Description The ancient Roman poet Ovid, in his "The Metamorphoses," told the story of the nymph Io who was seduced by Jupiter, the king of the gods. When his wife Juno became jealous, Jupiter transformed Io into a heifer to protect her. This panel relates the second half of the story. In the upper left, Jupiter emerges from clouds to order Mercury to rescue Io. In the lower left, Mercury guides his herd to the spot where Io is guarded by the hundred-eyed Argus. In the upper center, Mercury, disguised as a shepherd, lulls Argus to sleep and beheads him. Juno then takes Argus's eyes to ornament the tail feathers of her peacock and sends the Furies to pursue Io, who flees to the Nile River. At last, Jupiter prevails on his wife to cease tormenting the nymph, who, upon resuming her natural form, escapes to the forest and ultimately becomes the Egyptian goddess Isis. The panel was originally paired with another that depicted the first part of the story. The two were probably once installed in a house in Florence. For more information on this panel, please see Zeri catalogue number 64, pp. 100-101.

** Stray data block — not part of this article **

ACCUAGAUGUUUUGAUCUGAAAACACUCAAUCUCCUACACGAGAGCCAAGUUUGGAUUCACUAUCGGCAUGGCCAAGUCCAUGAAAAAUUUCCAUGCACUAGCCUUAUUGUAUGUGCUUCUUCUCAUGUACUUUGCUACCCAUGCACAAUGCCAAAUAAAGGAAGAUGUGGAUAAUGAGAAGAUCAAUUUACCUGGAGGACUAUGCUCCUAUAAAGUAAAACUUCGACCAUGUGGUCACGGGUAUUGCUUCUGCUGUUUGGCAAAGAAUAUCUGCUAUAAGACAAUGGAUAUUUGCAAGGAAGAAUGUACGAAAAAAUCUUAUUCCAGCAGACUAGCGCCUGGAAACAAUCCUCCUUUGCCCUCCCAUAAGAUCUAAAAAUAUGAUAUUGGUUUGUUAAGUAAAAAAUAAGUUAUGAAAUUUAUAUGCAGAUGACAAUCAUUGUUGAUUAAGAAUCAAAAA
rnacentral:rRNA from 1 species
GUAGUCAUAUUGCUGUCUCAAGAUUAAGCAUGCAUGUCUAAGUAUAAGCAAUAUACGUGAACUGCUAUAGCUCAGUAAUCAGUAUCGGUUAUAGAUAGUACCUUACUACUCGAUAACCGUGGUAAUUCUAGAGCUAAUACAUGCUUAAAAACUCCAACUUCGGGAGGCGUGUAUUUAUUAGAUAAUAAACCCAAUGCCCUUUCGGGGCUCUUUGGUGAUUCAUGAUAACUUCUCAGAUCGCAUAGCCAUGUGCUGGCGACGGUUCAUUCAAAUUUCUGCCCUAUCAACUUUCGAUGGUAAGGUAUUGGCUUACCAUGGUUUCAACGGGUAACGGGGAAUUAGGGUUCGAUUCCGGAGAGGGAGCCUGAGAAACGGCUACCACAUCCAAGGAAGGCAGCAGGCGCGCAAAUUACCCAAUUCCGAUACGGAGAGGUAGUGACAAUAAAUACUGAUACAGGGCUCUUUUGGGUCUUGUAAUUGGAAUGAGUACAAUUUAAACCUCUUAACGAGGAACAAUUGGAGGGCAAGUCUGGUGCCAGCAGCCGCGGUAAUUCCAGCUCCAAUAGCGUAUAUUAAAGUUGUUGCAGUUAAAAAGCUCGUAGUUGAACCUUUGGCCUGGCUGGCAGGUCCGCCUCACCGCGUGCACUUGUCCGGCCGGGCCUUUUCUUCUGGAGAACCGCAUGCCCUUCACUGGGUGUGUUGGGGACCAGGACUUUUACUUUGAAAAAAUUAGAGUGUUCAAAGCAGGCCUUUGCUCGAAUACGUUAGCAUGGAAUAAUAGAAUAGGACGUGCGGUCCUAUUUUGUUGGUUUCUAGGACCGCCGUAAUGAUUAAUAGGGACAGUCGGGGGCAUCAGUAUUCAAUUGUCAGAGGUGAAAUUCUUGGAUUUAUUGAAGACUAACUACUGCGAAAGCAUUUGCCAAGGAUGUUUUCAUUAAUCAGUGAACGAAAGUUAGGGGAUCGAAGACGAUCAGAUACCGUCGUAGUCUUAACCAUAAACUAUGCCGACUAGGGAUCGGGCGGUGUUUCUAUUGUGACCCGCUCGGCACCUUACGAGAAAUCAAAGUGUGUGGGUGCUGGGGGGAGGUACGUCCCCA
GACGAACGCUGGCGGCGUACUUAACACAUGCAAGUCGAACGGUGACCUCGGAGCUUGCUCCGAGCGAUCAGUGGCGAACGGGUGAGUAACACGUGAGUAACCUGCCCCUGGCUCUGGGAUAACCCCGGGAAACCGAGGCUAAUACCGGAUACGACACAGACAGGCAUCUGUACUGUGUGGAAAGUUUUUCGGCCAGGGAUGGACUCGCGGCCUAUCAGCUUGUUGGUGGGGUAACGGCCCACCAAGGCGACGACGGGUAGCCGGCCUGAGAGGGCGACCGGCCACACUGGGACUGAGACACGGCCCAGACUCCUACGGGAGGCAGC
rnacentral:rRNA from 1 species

|9/22/1939||Treatment||coated; loss compensation|
|11/22/1939||Treatment||loss compensation; stabilized; varnish removed or reduced|
|2/21/1940||Treatment||repaired; cleaned; loss compensation; coated|
|1/01/1953||Examination||examined for condition|
|7/07/1965||Examination||examined for condition|
|12/14/1981||Treatment||cleaned; inpainted; loss compensation; surface cleaned; varnish removed or reduced|
|12/14/1981||Treatment||cleaned; coated; loss compensation|
|6/10/1982||Treatment||cleaned; filled; inpainted; surface cleaned; varnish removed or reduced|
|1/01/1997||Treatment||repaired; loss compensation; other|
|3/01/1997||Treatment||inpainted; loss compensation; repaired; splits mended; stabilized|
- Highlights from the Collection. The Walters Art Gallery, Baltimore. 1998-2001.
Provenance Braedalbane, Taymouth Castle, Scotland [date and mode of acquisition unknown]; Mrs. Baillie-Hamilton, Langton, Berwickshire, Scotland, by 1903 [mode of acquisition unknown]; Henry Walters, Baltimore, 1911, by purchase [Bernard Berenson as agent]; Walters Art Museum, 1931, by bequest.
Credit Acquired by Henry Walters, 1911
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